Private equity firms in the U.S. are optimistic about 2013, and are ready to boost their spending budgets on more mergers and acquisitions, according to the 2013 McGladrey Private Equity Survey. The survey included 125 private equity firms. The results concluded that 77 percent of these firms are optimistic about their own economic futures. Only 20 percent had a neutral outlook (neither positive nor negative), and a mere three percent were not optimistic about their own economic futures.
Their outlook on the global economy, however, was not nearly as positive. Only half of respondents stated they are confident about the global economy. They cited a number of external factors for this lack of confidence, including market conditions, rising energy costs, the international economy, increasingly difficult regulatory compliance, rising taxes, and rising health care costs.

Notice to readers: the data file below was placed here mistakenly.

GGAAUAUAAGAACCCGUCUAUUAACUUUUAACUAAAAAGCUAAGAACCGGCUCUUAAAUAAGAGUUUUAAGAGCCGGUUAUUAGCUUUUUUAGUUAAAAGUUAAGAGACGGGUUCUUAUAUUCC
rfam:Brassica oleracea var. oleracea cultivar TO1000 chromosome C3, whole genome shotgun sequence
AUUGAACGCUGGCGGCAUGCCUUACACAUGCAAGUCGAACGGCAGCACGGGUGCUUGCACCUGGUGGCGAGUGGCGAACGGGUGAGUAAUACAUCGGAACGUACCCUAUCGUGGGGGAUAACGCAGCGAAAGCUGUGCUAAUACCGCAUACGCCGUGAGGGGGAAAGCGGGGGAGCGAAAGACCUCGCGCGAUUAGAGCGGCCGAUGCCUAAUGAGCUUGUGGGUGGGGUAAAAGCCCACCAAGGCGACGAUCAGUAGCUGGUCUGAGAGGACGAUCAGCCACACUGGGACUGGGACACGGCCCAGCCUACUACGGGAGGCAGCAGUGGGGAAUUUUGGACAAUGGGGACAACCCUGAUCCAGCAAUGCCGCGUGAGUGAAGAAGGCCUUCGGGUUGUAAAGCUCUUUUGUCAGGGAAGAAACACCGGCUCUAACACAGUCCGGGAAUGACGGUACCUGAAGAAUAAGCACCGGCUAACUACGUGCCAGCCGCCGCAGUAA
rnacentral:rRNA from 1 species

As these private equity firms vamp up their budgets for more mergers and acquisitions, a surprising trend is arising. Their portfolio companies show an apparent lack of due diligence in terms of IT infrastructure, which is so critical for a successful business today. Acquiring a company which is severely lacking in terms of IT infrastructure can derail the entire investment profit.
According to the survey, one-third of private equity firms “usually” find portfolio companies with outdated business applications and limited or inadequate IT infrastructure. Some lack critical Web apps and e-commerce capabilities. About half of the private equity firms surveyed find these problems “sometimes.” According to analysts for McGladrey, these results indicate how critical it is for private equity firms to review the investment’s IT infrastructure before the acquisition.
McGladrey is a middle market consulting service specializing in assurance and taxes. The survey is conducted annually between mid-January and mid-February. The results are based on the 125 U.S. private equity companies who responded to the survey.
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